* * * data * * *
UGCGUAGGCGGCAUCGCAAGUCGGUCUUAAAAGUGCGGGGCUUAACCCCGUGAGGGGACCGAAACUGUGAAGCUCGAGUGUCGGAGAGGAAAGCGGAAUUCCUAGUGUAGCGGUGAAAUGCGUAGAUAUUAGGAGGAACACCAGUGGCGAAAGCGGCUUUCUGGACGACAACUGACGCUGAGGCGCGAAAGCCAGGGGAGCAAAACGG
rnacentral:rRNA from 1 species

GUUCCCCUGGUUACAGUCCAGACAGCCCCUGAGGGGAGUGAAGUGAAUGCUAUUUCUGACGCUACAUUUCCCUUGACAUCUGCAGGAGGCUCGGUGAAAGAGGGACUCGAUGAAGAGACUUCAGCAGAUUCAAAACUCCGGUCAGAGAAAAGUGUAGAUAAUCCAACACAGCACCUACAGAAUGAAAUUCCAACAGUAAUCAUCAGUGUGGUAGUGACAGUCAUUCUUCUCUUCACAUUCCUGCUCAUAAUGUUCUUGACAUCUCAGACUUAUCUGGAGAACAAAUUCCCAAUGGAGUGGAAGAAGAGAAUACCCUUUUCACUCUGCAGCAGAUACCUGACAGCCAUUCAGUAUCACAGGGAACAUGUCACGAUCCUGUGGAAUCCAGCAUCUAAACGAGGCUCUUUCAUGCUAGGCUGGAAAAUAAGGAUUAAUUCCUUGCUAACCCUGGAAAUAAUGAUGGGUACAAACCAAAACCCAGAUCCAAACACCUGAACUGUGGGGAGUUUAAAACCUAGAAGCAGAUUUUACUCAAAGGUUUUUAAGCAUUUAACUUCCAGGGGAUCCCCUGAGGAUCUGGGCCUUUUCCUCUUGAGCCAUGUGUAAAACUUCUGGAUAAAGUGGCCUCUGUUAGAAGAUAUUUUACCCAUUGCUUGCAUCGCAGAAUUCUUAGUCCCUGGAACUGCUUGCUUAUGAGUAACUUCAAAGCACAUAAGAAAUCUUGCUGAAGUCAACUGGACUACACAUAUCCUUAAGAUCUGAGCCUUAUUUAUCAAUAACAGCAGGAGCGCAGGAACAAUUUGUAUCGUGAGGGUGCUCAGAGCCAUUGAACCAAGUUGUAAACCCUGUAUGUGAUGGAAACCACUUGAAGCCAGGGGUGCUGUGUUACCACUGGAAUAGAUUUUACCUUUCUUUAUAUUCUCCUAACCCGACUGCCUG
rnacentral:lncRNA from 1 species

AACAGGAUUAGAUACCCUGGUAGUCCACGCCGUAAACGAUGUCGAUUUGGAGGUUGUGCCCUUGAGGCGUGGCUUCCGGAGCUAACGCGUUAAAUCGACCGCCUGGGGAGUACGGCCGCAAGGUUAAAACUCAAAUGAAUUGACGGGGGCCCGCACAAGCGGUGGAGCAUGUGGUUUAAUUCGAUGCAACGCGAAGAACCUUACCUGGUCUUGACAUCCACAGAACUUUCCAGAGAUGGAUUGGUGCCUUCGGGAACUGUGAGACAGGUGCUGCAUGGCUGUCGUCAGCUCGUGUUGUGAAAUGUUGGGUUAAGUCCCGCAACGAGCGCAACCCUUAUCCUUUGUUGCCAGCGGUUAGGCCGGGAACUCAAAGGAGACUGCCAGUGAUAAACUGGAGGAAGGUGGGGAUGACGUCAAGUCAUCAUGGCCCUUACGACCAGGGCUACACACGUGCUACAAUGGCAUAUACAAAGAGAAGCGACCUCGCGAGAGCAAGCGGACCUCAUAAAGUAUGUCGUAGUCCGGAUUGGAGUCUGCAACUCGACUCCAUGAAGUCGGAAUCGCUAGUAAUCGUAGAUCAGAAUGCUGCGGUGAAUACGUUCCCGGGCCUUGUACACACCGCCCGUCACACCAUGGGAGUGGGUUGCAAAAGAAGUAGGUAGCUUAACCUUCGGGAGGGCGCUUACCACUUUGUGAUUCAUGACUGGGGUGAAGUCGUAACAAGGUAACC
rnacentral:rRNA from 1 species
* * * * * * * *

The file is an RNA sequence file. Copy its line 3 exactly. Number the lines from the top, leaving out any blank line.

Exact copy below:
GUUCCCCUGGUUACAGUCCAGACAGCCCCUGAGGGGAGUGAAGUGAAUGCUAUUUCUGACGCUACAUUUCCCUUGACAUCUGCAGGAGGCUCGGUGAAAGAGGGACUCGAUGAAGAGACUUCAGCAGAUUCAAAACUCCGGUCAGAGAAAAGUGUAGAUAAUCCAACACAGCACCUACAGAAUGAAAUUCCAACAGUAAUCAUCAGUGUGGUAGUGACAGUCAUUCUUCUCUUCACAUUCCUGCUCAUAAUGUUCUUGACAUCUCAGACUUAUCUGGAGAACAAAUUCCCAAUGGAGUGGAAGAAGAGAAUACCCUUUUCACUCUGCAGCAGAUACCUGACAGCCAUUCAGUAUCACAGGGAACAUGUCACGAUCCUGUGGAAUCCAGCAUCUAAACGAGGCUCUUUCAUGCUAGGCUGGAAAAUAAGGAUUAAUUCCUUGCUAACCCUGGAAAUAAUGAUGGGUACAAACCAAAACCCAGAUCCAAACACCUGAACUGUGGGGAGUUUAAAACCUAGAAGCAGAUUUUACUCAAAGGUUUUUAAGCAUUUAACUUCCAGGGGAUCCCCUGAGGAUCUGGGCCUUUUCCUCUUGAGCCAUGUGUAAAACUUCUGGAUAAAGUGGCCUCUGUUAGAAGAUAUUUUACCCAUUGCUUGCAUCGCAGAAUUCUUAGUCCCUGGAACUGCUUGCUUAUGAGUAACUUCAAAGCACAUAAGAAAUCUUGCUGAAGUCAACUGGACUACACAUAUCCUUAAGAUCUGAGCCUUAUUUAUCAAUAACAGCAGGAGCGCAGGAACAAUUUGUAUCGUGAGGGUGCUCAGAGCCAUUGAACCAAGUUGUAAACCCUGUAUGUGAUGGAAACCACUUGAAGCCAGGGGUGCUGUGUUACCACUGGAAUAGAUUUUACCUUUCUUUAUAUUCUCCUAACCCGACUGCCUG